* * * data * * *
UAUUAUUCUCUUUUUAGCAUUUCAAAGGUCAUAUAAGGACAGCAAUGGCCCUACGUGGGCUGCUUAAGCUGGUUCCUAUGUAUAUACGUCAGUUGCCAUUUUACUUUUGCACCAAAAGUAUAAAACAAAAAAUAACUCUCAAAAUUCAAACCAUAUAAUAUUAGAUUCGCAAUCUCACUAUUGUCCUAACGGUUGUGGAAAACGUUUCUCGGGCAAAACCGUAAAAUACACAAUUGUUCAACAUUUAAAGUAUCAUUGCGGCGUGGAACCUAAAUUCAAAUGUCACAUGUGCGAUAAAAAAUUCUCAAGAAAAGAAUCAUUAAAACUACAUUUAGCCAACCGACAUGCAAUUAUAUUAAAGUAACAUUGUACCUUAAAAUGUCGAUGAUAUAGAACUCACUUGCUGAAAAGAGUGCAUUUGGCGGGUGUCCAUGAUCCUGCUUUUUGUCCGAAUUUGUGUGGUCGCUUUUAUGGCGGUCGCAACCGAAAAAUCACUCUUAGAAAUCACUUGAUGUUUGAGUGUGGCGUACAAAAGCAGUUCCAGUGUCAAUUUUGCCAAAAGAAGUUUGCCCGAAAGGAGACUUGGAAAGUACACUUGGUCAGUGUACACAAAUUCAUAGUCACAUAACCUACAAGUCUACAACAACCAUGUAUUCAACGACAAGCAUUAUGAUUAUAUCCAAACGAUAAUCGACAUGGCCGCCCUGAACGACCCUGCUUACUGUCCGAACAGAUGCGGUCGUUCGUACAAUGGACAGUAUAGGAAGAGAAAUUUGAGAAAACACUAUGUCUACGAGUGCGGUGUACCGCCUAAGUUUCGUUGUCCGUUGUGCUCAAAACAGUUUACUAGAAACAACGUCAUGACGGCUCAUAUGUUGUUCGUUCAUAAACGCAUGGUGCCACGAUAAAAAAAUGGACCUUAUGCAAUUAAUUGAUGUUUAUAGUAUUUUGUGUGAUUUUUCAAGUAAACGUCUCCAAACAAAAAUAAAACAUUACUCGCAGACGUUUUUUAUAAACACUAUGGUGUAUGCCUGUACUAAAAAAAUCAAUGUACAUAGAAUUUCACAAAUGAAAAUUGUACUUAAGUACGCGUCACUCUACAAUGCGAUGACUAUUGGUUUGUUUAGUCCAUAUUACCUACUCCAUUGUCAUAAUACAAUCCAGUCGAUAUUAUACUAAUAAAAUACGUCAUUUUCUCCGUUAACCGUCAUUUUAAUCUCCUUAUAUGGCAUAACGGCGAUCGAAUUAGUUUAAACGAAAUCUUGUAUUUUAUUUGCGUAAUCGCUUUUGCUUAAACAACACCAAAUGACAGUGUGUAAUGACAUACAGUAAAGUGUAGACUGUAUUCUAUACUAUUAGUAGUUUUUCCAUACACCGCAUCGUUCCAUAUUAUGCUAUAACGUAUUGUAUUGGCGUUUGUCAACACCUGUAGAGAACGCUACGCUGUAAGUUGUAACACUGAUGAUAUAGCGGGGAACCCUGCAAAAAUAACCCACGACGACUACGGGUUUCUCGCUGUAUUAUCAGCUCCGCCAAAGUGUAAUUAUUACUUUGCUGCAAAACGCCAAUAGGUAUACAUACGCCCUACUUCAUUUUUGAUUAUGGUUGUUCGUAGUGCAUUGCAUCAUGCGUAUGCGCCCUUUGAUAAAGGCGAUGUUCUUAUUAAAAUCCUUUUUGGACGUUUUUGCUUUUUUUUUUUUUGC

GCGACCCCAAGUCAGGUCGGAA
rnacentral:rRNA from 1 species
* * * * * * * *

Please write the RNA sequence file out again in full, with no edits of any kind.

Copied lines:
UAUUAUUCUCUUUUUAGCAUUUCAAAGGUCAUAUAAGGACAGCAAUGGCCCUACGUGGGCUGCUUAAGCUGGUUCCUAUGUAUAUACGUCAGUUGCCAUUUUACUUUUGCACCAAAAGUAUAAAACAAAAAAUAACUCUCAAAAUUCAAACCAUAUAAUAUUAGAUUCGCAAUCUCACUAUUGUCCUAACGGUUGUGGAAAACGUUUCUCGGGCAAAACCGUAAAAUACACAAUUGUUCAACAUUUAAAGUAUCAUUGCGGCGUGGAACCUAAAUUCAAAUGUCACAUGUGCGAUAAAAAAUUCUCAAGAAAAGAAUCAUUAAAACUACAUUUAGCCAACCGACAUGCAAUUAUAUUAAAGUAACAUUGUACCUUAAAAUGUCGAUGAUAUAGAACUCACUUGCUGAAAAGAGUGCAUUUGGCGGGUGUCCAUGAUCCUGCUUUUUGUCCGAAUUUGUGUGGUCGCUUUUAUGGCGGUCGCAACCGAAAAAUCACUCUUAGAAAUCACUUGAUGUUUGAGUGUGGCGUACAAAAGCAGUUCCAGUGUCAAUUUUGCCAAAAGAAGUUUGCCCGAAAGGAGACUUGGAAAGUACACUUGGUCAGUGUACACAAAUUCAUAGUCACAUAACCUACAAGUCUACAACAACCAUGUAUUCAACGACAAGCAUUAUGAUUAUAUCCAAACGAUAAUCGACAUGGCCGCCCUGAACGACCCUGCUUACUGUCCGAACAGAUGCGGUCGUUCGUACAAUGGACAGUAUAGGAAGAGAAAUUUGAGAAAACACUAUGUCUACGAGUGCGGUGUACCGCCUAAGUUUCGUUGUCCGUUGUGCUCAAAACAGUUUACUAGAAACAACGUCAUGACGGCUCAUAUGUUGUUCGUUCAUAAACGCAUGGUGCCACGAUAAAAAAAUGGACCUUAUGCAAUUAAUUGAUGUUUAUAGUAUUUUGUGUGAUUUUUCAAGUAAACGUCUCCAAACAAAAAUAAAACAUUACUCGCAGACGUUUUUUAUAAACACUAUGGUGUAUGCCUGUACUAAAAAAAUCAAUGUACAUAGAAUUUCACAAAUGAAAAUUGUACUUAAGUACGCGUCACUCUACAAUGCGAUGACUAUUGGUUUGUUUAGUCCAUAUUACCUACUCCAUUGUCAUAAUACAAUCCAGUCGAUAUUAUACUAAUAAAAUACGUCAUUUUCUCCGUUAACCGUCAUUUUAAUCUCCUUAUAUGGCAUAACGGCGAUCGAAUUAGUUUAAACGAAAUCUUGUAUUUUAUUUGCGUAAUCGCUUUUGCUUAAACAACACCAAAUGACAGUGUGUAAUGACAUACAGUAAAGUGUAGACUGUAUUCUAUACUAUUAGUAGUUUUUCCAUACACCGCAUCGUUCCAUAUUAUGCUAUAACGUAUUGUAUUGGCGUUUGUCAACACCUGUAGAGAACGCUACGCUGUAAGUUGUAACACUGAUGAUAUAGCGGGGAACCCUGCAAAAAUAACCCACGACGACUACGGGUUUCUCGCUGUAUUAUCAGCUCCGCCAAAGUGUAAUUAUUACUUUGCUGCAAAACGCCAAUAGGUAUACAUACGCCCUACUUCAUUUUUGAUUAUGGUUGUUCGUAGUGCAUUGCAUCAUGCGUAUGCGCCCUUUGAUAAAGGCGAUGUUCUUAUUAAAAUCCUUUUUGGACGUUUUUGCUUUUUUUUUUUUUGC

GCGACCCCAAGUCAGGUCGGAA
rnacentral:rRNA from 1 species